India has registered its strong protest with Pakistan after a drone was seen over the Indian High Commission compound in Islamabad, media reports said. The incident comes days after a twin drone strike on the Jammu Air Force station left a gaping hole in a room within the compound, leaving two IAF personnel injured.
The sighting of the drone over the Indian High Commission was reported on June 26 and was meant to monitor an event, ANI reported. The incident has been taken as a major security breach of the diplomatic compound. The Indian High Commission is located within the fortified diplomatic enclave in Islamabad, across a road in front of Pakistan’s Foreign Office. A residential complex for staffers of the mission is located near the high commission. The entire diplomatic enclave is heavily guarded by Pakistani forces.
The technology used in June 27 drone strikes on the IAF base indicated “state support” and the involvement of Pakistan-based terror groups Jaish-e-Mohammed and Lashkar-e-Taiba, Lieutenant General DP Pandey, Corps Commander of the 15 Corps in Srinagar, said on Wednesday (June 30).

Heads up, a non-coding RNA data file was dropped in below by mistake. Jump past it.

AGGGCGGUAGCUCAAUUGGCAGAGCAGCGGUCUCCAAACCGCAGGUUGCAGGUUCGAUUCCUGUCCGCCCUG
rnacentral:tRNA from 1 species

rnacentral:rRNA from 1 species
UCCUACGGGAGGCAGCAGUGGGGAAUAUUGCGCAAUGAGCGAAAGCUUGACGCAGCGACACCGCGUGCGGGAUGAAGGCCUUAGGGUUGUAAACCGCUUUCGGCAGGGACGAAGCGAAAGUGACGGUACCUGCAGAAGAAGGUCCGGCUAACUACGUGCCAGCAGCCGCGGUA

The security breach is likely to further worsen the diplomatic relations between the two countries, which are in a deep freeze after the Centre scrapped the special status of J&K in 2019. Hopes of reconciliation began early this year following a ceasefire understanding between the two armies.
In recent years Pakistan has been using drones to drop weapons across the border. The Border Security Force (BSF) has frequently reported drone sightings and has shot down some in the last few months.
In 2019 a crashed drone was found in a village in Punjab’s Amritsar. The following month, terrorists arrested by security forces allegedly revealed drugs and weapons had been dropped in the state over eight separate drone flights.
National Security Adviser Ajit Doval had raised the issue of drones being used by terrorists at the recent meeting of NSAs of the member states of the Shanghai Cooperation Organisation (SCO) in Dushanbe, Tajikistan. Doval had specifically referred to the need to monitor new technologies used by terrorists, including drones for weapons’ smuggling.